Drinking, drugs and smoking: Both the main character, Ron, and the secondary character, Rayon, are shown to be habitual drug users and/or drinkers. In the first half of the movie, Ron drinks heavily (mostly whisky), snorts cocaine, and smokes cigarettes. When Ron first starts taking AIDS meds, he abuses them and takes them with beer. Ron eventually recovers but Rayon keeps using throughout. We rarely see Rayon using, but Ron confronts Rayon about being high in some scenes. Hypo needles are shown, and AIDS medications are discussed at length.
Fan Reviews provided by
One of the best movies of this year by cuzzanio
Great acting and well deserved Oscars. If you have been impacted by a slow or clumsy FDA decision, this movie will move you to the bones!
McConaughey and Leto deserve Oscars by the_bird_is_the_word
Matthew McConaughey and Jared Leto deserve their Oscars. It was a disturbing film with not to lovable characters but great performances, It's disturbing that people live the way they were depicted in the film. The viewing public needs to know this. One hopes that AIDS patients are treated better today than they were in the 1980's. This was not a feel good movie but a good movie just the same.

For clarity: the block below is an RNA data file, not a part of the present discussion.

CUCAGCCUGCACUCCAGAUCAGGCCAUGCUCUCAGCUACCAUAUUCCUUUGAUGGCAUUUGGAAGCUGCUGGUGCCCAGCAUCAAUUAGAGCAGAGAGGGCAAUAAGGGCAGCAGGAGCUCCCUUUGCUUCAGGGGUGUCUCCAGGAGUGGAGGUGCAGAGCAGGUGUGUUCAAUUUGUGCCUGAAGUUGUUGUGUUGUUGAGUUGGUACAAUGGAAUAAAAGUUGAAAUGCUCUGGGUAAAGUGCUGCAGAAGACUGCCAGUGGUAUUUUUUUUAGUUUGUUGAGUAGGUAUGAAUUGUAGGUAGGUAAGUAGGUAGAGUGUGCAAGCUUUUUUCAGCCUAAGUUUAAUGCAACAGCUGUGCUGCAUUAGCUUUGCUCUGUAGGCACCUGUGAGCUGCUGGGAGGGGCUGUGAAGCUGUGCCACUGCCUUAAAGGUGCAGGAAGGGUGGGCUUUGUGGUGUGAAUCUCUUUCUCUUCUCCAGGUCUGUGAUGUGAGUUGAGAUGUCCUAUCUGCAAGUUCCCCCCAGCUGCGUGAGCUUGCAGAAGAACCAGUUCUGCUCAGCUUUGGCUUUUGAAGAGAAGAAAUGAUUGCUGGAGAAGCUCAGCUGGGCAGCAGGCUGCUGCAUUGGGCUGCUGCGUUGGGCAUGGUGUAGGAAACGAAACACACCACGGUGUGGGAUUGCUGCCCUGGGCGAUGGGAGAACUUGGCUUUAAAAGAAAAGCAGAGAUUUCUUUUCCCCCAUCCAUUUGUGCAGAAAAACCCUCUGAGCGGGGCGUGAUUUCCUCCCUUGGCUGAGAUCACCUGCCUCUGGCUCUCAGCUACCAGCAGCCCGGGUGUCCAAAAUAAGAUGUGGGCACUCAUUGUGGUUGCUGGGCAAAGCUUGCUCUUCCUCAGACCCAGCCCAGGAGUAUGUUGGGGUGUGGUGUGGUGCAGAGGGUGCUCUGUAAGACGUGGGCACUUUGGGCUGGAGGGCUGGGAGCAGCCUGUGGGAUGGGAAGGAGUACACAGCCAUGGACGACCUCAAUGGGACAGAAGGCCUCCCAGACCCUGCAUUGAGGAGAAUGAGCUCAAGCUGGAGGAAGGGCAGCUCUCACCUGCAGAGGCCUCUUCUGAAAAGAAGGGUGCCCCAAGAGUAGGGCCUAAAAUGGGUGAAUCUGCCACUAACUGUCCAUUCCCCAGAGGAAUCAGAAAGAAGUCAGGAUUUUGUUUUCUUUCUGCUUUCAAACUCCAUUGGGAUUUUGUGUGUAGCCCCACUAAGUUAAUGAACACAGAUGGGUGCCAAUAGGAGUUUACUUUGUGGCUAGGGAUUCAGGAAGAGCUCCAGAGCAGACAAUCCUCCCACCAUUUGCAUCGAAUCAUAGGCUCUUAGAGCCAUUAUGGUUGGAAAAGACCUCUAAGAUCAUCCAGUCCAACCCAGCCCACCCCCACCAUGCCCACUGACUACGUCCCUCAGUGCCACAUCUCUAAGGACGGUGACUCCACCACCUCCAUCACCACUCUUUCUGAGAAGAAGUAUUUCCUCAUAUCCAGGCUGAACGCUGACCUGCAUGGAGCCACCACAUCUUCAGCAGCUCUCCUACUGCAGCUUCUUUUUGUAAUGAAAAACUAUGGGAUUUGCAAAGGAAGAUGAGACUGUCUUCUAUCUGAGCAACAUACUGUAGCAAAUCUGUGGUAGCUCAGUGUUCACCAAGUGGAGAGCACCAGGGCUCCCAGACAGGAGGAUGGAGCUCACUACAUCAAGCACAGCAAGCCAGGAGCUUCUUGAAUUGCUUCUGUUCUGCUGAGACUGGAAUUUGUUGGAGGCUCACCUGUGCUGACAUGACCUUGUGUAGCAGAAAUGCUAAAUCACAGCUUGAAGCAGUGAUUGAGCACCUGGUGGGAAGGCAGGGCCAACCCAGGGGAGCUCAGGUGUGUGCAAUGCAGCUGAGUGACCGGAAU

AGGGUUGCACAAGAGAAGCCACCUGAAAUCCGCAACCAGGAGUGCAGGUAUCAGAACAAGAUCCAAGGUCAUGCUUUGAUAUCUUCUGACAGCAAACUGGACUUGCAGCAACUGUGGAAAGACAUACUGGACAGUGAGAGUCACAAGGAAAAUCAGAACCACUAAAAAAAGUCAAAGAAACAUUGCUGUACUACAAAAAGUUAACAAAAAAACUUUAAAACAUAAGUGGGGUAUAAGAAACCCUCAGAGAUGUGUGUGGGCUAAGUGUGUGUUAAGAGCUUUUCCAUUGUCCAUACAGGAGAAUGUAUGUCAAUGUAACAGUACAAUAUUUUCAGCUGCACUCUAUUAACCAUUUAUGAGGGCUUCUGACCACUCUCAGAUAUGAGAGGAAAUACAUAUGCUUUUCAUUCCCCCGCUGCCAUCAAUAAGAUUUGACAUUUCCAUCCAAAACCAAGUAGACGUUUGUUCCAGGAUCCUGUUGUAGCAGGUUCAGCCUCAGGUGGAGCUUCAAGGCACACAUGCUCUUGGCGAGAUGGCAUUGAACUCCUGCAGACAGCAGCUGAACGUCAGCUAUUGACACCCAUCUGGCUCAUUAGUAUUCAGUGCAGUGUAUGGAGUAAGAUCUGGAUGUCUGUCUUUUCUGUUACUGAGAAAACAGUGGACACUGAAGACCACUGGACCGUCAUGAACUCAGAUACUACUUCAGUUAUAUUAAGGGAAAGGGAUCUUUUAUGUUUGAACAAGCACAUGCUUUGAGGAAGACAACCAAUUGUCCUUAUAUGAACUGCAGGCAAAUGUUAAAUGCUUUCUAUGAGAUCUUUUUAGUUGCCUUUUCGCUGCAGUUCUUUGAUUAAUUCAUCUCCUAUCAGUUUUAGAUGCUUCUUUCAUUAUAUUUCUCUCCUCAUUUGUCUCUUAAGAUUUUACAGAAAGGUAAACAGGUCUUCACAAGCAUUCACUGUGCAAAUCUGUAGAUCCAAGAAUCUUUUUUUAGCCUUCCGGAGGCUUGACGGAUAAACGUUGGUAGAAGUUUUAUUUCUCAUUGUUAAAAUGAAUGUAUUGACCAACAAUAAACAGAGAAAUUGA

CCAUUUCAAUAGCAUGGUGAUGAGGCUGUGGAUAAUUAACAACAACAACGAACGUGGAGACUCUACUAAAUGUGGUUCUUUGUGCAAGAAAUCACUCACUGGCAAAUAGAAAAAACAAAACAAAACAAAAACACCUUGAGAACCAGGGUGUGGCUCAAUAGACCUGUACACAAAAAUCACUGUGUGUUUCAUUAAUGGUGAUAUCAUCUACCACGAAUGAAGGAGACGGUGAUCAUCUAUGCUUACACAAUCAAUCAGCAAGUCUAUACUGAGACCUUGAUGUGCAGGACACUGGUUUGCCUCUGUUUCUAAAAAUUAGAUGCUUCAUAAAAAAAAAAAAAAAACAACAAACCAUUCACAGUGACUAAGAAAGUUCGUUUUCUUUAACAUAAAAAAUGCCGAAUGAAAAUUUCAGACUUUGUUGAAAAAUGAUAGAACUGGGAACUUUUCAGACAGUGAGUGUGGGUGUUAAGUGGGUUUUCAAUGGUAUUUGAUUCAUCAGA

DALLAS BUYERS CLUB by DOGMOMTHRICE
AS I BECAME ILL & WAS NOT ABLE TO GO. (AND IT WAS MY BIRTHDAY ! ! ! ) I AM GOING TO HAVE TO RESHEDULE. I CAN'T BELIEVE HOW FEW THEATERS ARE SHOWING. "BEST ACTOR" & BEST SUPPORTING ACTOR"., WHAT ARE THESE THEATERS THINKING ! ! ! I HOPE I WON'T BE FORCED TO SEE ON A "SMALL" SCREEN" SUCH AS "NETFLIX"
I CAN'T WAIT TO RESCHEDULE. MAYBE FRIDAYS NEWSPAPER WILL HAVE A SHOWING CLOSER TO HOME
"SAD FAN", AND ON MY B DAY TOO ! ! !
Dallas Buyers Club...where is it playing?!?!?! by jmazil01
It's a week after the Academy Awards have wrapped up already and I can't find this movie playing anywhere in my area! Yet, 12 Years a Slave is playing. This bothers me since we're talking about a movie that won the best actor & supporting actor awards so you'd think it would've been re-released for people to go see by now. Just puzzling!